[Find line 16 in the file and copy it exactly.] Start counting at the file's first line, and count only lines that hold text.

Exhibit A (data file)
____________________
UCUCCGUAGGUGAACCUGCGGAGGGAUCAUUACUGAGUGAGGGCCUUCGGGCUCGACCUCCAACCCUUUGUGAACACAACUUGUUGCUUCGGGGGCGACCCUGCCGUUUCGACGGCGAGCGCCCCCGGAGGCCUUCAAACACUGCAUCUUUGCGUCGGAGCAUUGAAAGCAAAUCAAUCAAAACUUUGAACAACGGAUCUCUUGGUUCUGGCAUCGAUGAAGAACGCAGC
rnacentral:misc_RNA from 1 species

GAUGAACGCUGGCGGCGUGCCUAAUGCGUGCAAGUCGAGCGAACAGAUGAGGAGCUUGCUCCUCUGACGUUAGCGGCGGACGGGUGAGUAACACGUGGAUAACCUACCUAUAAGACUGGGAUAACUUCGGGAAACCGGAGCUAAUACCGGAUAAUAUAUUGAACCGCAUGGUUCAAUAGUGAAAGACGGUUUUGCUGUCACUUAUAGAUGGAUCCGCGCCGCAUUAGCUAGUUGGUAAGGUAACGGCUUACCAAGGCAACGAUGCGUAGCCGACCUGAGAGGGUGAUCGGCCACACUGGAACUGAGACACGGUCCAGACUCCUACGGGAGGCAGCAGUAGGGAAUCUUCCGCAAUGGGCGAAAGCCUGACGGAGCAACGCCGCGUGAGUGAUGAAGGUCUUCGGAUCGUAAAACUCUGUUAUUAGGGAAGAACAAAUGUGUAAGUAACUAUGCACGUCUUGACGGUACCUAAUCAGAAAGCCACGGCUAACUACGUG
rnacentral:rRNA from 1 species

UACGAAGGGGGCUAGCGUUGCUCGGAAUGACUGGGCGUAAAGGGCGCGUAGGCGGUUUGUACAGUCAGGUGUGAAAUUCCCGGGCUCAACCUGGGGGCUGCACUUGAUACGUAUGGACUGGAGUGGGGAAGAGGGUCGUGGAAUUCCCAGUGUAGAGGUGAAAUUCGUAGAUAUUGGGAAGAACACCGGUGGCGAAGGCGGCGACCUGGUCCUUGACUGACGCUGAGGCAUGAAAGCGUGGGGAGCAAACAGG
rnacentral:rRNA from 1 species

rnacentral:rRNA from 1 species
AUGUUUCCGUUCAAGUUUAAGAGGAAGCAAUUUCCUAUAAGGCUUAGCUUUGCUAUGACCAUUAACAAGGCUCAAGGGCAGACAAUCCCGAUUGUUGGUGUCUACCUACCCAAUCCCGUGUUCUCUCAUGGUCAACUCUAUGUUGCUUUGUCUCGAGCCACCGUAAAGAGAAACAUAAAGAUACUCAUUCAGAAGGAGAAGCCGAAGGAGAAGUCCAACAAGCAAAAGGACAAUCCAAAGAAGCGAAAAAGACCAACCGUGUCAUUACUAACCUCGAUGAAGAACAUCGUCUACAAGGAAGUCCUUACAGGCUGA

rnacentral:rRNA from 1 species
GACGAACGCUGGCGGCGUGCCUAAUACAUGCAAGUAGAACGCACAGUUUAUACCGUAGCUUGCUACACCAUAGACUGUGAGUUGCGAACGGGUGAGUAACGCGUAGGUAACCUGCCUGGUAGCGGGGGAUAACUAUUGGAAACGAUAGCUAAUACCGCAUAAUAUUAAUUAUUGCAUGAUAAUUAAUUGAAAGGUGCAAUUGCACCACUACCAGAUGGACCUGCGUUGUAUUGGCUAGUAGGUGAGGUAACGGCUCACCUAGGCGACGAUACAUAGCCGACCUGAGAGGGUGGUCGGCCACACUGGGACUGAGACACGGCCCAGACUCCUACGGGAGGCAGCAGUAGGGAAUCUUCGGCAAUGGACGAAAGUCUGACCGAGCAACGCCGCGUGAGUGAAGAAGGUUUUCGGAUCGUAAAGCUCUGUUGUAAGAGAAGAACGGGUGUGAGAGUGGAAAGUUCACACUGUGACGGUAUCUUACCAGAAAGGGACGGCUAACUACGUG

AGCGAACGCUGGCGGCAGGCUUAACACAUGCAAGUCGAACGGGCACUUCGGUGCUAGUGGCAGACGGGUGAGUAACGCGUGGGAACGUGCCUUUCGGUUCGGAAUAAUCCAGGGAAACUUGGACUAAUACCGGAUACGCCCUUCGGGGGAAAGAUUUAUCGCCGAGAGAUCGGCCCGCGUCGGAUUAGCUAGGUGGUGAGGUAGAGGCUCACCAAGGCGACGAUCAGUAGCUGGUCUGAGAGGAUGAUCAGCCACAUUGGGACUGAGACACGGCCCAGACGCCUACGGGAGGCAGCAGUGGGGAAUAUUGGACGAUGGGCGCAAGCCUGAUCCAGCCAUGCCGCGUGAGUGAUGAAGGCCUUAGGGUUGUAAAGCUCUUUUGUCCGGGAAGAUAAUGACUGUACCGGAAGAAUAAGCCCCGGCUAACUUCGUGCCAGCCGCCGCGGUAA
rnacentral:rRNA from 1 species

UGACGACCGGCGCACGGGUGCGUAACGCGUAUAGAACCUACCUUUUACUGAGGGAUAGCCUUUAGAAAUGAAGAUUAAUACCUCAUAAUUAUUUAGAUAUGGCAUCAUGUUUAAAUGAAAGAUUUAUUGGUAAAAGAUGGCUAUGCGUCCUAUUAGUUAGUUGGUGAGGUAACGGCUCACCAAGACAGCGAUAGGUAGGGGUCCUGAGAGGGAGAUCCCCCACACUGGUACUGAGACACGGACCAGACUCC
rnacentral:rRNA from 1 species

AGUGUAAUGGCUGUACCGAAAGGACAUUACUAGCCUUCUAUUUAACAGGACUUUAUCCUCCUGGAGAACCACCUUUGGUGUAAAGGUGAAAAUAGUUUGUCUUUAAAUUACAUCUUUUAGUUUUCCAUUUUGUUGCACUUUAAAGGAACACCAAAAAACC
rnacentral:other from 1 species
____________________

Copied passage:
rnacentral:other from 1 species